Interband and quantum cascade laser frequency combs: From fundamentals towards monolithic spectrometers
May 28, 14:00, CEITEC C, room C2.11
Institute of Solid state electronics, Vienna University of Technology
Frequency combs are ideal candidates to realize miniaturized spectrometers without moving parts. I will give an overview of our current work on interband and quantum cascade lasers (ICLs and QCLs) ranging from an introduction to fundamental laser physics to the realization of monolithic devices. I will highlight similarities and differences between these two types of lasers, show how both FM and AM type frequency combs can be realized and discuss why the ICL comb platform is perfect for the realization of miniaturized spectrometers.
Frequency combs consist of a pump laser and a non-linear mechanism that couples the modes . In quantum cascade lasers, the non-linearity of the laser material can be used to generate frequency combs. Our results show that this concept can be also be applied to ICLs, despite the fact that their laser transition lifetime differs by more than two orders of magnitude. This is possible because the effective upper state lifetime is sufficiently fast under operation. Different to traditional mode-locking, the comb state is dominantly frequency modulated (FM), which shows that phase-locking is governed by the same physical mechanism as in QCL combs.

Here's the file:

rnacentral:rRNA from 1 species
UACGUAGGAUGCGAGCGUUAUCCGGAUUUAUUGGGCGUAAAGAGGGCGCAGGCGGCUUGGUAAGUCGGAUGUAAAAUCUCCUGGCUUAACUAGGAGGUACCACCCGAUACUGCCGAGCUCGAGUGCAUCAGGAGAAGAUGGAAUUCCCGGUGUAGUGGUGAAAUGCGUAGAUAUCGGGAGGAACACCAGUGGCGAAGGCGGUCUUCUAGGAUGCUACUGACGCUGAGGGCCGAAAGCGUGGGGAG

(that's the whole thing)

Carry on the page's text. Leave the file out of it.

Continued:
Recent results revealed that RF injection allows coherent control of QCL and ICL frequency combs. This enables injection locking of the repetition frequency of the FM comb state, which provides an increased stability of the state and the missing knob for the mutual stabilization of two combs via control loops. Even more exciting, the coherent control is not limited to locking a frequency modulated self-starting comb. Detuning the injection frequency far from the natural laser beatnote can completely change the overall behavior of the comb.
Similarly to the occurrence of multiple normal modes in coupled oscillators, fundamentally different comb states can be externally enforced. Using this knowledge we are able switch ICLs to the amplitude modulated comb state, commonly referred to active mode-locking. There, the ICLs emit picosecond pulses. Even more exciting is the
fact that we can also apply this new insights into QCLs that were believed to be not capable of efficient pulsed emission via mode-locking. Our experimental results on QCLs clearly show that this previous picture needs to be reinterpreted. We were able to get pulse-width down to about 1ps and a peak-power enhancement of over 50 using a high-power QCL.
A key feature of both QCLs and ICLs is that the very same epilayer structure can also be used to integrate photodetectors on the same chip[4, 5]. The fact that QCLs and ICLs both rely on fast intersubband transport is a great advantage for high bandwidth multi-heterodyne detection. As an example, the on-chip detection capability of ICLs can exceed several GHz electrical bandwidth, while providing an excellent noise equivalent power of 2.5pW/Hz at room-temperature. Thus, the ICL technology provides all required properties for monolithic integration and can promote semiconductor based dual-comb spectroscopy from fundamental research to a broadly used sensing platform.
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